Sunday, March 28, 2010

Korbin Wants To Go To School!?!

I'm really not sure what's happening in Korbin's precious little head, but he's slept without a pull up for the last 3 nights and stayed dry. Being that he didn't potty train until he was 6, I really wasn't pushing the night time thing. I think his motivator was keeping me from washing his favorite shorts, but I'll take it. :)

Today is the last week of spring break. I've been trying to get the paperwork through to get Korbin in the residential program he's been needing for over a year, but it's at a stall. While we were at the hospital visiting Aidan this afternoon I reminded Korbin that he could just solve this whole problem by getting his uniform on tomorrow morning and going to school. He totally agreed! Holy poop on a stick! How did I just make that click in his head? Really? Oh yeah, keep the emotion out of it or he'll change his mind. Suck it up Anna, we've got work to do.

Korbin has stuck with his decision to go back to school instead of to residential. I'm hopeful, but I can't hold my breath. He's had moments like this before, but I can't remember the last time he was so rational. Tomorrow morning he wants me to wake him at 6:30am (yes, he's in control). I have his lunch packed to his specs and we will go to school early enough that he can eat his breakfast with his friends. He wants me to stay with him, but I'll leave as soon as he's adjusted a little. I just fear the principal telling us to leave until his IEP is changed. HaHaHa! I can't imagine what the ladies at the district office would say to him if he even tried to deny Korbin access to the classroom. It's been over a year, but we might be on our way back.

Friday, March 19, 2010

Korbin's Weekend Adventure

Last Friday night Korbin went over the edge again. He was so far into his delusional world that he was screaming at me that he wanted me to take him to a new family. It's not a new delusion, but when he starts thinking about it there's no changing his mind. Apparently there's another family out there who will allow Korbin to beat on them as much as he wants, won't expect him to take care of basic hygene, and doesn't care about his education. His new family will let him eat marshmallows and potato chips all day and never bring up the subject of vegetables. I tried to explain that we are his family and we love him very much, but it only made matters worse. He kept coming at me with both fists pounding at my head yelling, "Take me to the hospital so they can find me a new family!" Jason had already left for work and I knew there was no way I could restrain Korbin for mine and his safety if this escalated any further, so I offered to drive him to the hospital. He instantly stopped beating me and ran to pack his bag.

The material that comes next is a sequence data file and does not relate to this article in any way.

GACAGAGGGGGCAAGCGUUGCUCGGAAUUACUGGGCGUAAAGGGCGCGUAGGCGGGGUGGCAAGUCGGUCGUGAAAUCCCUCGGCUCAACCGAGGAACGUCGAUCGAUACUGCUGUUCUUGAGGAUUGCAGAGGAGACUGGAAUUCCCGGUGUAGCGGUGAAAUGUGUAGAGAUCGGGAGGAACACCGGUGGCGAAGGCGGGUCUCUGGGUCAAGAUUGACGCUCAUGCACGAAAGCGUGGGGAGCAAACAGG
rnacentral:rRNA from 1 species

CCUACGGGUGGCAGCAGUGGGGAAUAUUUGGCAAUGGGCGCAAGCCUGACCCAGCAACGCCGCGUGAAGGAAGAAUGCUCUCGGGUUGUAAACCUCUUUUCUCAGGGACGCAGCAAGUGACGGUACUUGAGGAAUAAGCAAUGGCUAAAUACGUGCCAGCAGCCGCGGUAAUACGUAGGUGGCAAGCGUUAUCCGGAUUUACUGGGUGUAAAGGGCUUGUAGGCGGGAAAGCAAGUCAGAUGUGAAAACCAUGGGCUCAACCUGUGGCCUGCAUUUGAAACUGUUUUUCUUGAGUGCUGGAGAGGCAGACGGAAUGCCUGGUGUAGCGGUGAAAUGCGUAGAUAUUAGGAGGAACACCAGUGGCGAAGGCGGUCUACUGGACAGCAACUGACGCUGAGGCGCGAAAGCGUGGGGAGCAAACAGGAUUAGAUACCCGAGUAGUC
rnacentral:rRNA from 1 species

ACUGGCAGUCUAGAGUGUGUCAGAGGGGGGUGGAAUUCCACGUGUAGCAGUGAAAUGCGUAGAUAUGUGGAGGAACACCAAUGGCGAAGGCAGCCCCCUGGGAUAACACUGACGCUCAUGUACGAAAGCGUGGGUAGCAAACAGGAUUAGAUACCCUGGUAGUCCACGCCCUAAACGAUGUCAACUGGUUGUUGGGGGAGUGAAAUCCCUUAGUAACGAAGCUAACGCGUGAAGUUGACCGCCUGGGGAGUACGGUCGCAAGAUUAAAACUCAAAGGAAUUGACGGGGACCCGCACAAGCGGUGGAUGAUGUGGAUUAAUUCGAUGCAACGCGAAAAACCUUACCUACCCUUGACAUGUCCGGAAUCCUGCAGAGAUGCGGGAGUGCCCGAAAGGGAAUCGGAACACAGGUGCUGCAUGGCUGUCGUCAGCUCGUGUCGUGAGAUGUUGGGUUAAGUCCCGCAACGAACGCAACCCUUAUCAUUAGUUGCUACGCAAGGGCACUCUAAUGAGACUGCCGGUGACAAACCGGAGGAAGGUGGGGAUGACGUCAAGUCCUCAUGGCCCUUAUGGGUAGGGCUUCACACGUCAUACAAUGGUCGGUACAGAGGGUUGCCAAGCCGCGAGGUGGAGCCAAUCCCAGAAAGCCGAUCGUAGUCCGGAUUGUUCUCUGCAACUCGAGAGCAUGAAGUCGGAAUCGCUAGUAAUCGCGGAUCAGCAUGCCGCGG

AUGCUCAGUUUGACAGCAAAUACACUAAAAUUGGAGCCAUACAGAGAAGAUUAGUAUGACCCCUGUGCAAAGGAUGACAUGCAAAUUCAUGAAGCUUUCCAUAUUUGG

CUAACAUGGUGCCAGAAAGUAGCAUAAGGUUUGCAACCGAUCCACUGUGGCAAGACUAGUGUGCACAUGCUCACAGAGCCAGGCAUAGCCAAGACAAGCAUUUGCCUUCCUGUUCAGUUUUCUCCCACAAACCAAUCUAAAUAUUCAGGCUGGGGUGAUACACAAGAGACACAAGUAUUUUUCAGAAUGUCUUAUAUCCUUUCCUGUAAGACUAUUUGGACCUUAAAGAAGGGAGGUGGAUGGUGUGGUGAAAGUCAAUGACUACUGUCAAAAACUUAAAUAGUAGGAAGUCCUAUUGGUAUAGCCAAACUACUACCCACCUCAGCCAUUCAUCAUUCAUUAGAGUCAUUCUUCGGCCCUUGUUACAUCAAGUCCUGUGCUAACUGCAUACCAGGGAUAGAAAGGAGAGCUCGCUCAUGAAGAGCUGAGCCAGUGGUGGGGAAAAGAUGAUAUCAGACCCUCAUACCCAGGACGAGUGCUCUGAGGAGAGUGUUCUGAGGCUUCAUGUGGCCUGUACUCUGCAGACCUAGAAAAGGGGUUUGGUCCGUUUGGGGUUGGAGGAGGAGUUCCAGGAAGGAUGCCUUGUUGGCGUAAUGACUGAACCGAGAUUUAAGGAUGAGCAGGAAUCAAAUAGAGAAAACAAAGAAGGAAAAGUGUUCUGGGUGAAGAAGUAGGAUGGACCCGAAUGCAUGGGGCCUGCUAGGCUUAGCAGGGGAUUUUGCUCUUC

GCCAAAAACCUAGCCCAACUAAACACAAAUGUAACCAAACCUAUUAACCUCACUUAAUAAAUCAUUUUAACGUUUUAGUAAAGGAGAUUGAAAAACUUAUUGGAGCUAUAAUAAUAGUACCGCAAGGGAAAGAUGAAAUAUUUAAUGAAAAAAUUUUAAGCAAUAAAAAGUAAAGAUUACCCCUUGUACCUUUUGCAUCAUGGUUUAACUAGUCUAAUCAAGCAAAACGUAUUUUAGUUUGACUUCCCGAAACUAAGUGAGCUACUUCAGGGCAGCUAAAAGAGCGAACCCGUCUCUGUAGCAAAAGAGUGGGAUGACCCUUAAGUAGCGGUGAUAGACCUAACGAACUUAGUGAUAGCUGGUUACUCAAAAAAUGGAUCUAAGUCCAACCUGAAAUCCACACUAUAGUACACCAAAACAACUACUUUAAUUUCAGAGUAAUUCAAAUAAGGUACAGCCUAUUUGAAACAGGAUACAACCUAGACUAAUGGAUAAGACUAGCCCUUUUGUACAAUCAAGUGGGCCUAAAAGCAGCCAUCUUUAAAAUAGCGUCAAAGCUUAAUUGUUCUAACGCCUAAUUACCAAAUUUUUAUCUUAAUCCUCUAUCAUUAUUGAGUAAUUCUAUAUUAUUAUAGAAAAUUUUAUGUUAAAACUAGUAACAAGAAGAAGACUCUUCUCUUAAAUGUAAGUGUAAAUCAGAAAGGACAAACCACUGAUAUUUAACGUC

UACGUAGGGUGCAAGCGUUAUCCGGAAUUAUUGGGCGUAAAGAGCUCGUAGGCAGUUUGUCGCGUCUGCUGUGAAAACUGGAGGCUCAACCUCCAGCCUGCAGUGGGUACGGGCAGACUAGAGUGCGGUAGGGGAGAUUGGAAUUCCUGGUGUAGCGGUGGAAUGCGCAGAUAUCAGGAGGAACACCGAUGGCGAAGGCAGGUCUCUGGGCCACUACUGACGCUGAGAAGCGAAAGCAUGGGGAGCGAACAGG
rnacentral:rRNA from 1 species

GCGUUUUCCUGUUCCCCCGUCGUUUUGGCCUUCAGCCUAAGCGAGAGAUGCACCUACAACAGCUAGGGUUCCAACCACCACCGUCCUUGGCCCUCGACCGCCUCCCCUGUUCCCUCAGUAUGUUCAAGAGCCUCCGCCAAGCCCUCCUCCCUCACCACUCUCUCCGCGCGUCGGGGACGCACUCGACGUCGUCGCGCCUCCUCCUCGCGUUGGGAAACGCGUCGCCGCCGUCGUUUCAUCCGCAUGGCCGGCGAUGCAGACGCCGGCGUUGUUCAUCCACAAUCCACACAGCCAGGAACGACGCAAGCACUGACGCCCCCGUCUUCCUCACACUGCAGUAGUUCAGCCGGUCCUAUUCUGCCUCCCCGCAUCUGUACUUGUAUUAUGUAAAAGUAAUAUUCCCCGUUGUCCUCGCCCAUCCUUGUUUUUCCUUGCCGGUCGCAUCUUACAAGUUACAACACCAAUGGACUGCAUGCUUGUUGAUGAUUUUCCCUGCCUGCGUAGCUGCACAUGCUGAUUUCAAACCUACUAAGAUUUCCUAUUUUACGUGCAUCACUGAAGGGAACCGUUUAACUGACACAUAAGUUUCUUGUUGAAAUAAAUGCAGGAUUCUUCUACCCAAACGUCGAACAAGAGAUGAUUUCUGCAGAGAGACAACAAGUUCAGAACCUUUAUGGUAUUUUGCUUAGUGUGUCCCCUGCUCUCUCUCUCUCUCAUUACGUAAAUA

He calmly rode in the van and did fairly well while I was talking with the intake nurse. When he started ranting at me about how he was never coming back to live with me I simply stated that we are his family and always will be. My son launched at me like a lion on prey. His claws ripped the skin on my arm as I dodged his sharp teeth. My diet coke/life blood went flying and covered the desk. I grabbed my purse and went for the office door as the nurse came back to help. Korbin was ready to go the ward so he could begin his quest for the new fantasy family, but the nurse wouldn't take him out of the room until he calmed down. Long-er story short, chairs flew, a checkers game was shreded, and Korbin was taken to the back by two very large men.

By the time I left it was time to talk to Aidan who is still on the residential side of the same hospital. I swallowed my emotions and talked Aidan through his. He could hear his brothers screams from the next hall. He didn't want Korbin to have to be there, but understood that they could help Korbin the way they've helped him. I drove in the dark through my tears back home, alone... for the first time since last March.

Korbin was sent home that Monday with his Abilify doubled, another referal for residential time, and the new diagnoses of Mood Disorder NOS & Psychotic Disorder NOS. NOS stands for Not Otherwise Specified. To us it's come to mean that the doctor doesn't have the balls to label someone with the diagnosis that we all know is coming. Aidan was recently labeled with schizoaffective disorder just like Jason, my hubby. Schizoaffective is a label that combines schizophrenia and bipolar symptoms. Either way diagnostic labels and labels in clothing are both pretty much meaningless until it comes to billing. We treat the symptoms while trying to find the cause and hope for the best.